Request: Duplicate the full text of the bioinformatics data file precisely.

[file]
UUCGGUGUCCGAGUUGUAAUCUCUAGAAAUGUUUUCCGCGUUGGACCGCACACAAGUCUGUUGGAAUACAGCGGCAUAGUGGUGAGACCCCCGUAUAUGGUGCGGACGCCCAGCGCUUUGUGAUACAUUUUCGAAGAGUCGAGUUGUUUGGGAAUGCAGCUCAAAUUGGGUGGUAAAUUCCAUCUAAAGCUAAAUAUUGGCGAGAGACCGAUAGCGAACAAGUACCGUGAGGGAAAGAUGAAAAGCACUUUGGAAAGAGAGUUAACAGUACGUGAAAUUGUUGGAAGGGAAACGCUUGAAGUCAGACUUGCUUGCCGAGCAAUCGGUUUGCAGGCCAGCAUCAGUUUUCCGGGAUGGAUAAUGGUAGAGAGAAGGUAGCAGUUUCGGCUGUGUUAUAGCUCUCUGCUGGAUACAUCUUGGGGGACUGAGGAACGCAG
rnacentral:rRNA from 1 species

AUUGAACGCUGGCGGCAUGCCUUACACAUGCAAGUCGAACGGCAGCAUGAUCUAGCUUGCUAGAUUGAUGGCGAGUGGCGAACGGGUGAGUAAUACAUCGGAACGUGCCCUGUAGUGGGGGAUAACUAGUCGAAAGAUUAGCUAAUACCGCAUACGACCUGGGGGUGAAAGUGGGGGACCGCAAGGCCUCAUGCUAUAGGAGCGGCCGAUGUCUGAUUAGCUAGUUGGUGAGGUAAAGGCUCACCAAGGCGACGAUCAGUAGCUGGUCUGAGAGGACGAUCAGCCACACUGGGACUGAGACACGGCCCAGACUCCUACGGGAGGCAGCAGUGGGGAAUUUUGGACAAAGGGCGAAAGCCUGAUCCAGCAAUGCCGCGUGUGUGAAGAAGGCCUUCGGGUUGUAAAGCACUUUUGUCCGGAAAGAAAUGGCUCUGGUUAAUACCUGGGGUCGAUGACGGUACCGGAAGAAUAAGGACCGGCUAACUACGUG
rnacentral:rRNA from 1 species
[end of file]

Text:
UUCGGUGUCCGAGUUGUAAUCUCUAGAAAUGUUUUCCGCGUUGGACCGCACACAAGUCUGUUGGAAUACAGCGGCAUAGUGGUGAGACCCCCGUAUAUGGUGCGGACGCCCAGCGCUUUGUGAUACAUUUUCGAAGAGUCGAGUUGUUUGGGAAUGCAGCUCAAAUUGGGUGGUAAAUUCCAUCUAAAGCUAAAUAUUGGCGAGAGACCGAUAGCGAACAAGUACCGUGAGGGAAAGAUGAAAAGCACUUUGGAAAGAGAGUUAACAGUACGUGAAAUUGUUGGAAGGGAAACGCUUGAAGUCAGACUUGCUUGCCGAGCAAUCGGUUUGCAGGCCAGCAUCAGUUUUCCGGGAUGGAUAAUGGUAGAGAGAAGGUAGCAGUUUCGGCUGUGUUAUAGCUCUCUGCUGGAUACAUCUUGGGGGACUGAGGAACGCAG
rnacentral:rRNA from 1 species

AUUGAACGCUGGCGGCAUGCCUUACACAUGCAAGUCGAACGGCAGCAUGAUCUAGCUUGCUAGAUUGAUGGCGAGUGGCGAACGGGUGAGUAAUACAUCGGAACGUGCCCUGUAGUGGGGGAUAACUAGUCGAAAGAUUAGCUAAUACCGCAUACGACCUGGGGGUGAAAGUGGGGGACCGCAAGGCCUCAUGCUAUAGGAGCGGCCGAUGUCUGAUUAGCUAGUUGGUGAGGUAAAGGCUCACCAAGGCGACGAUCAGUAGCUGGUCUGAGAGGACGAUCAGCCACACUGGGACUGAGACACGGCCCAGACUCCUACGGGAGGCAGCAGUGGGGAAUUUUGGACAAAGGGCGAAAGCCUGAUCCAGCAAUGCCGCGUGUGUGAAGAAGGCCUUCGGGUUGUAAAGCACUUUUGUCCGGAAAGAAAUGGCUCUGGUUAAUACCUGGGGUCGAUGACGGUACCGGAAGAAUAAGGACCGGCUAACUACGUG
rnacentral:rRNA from 1 species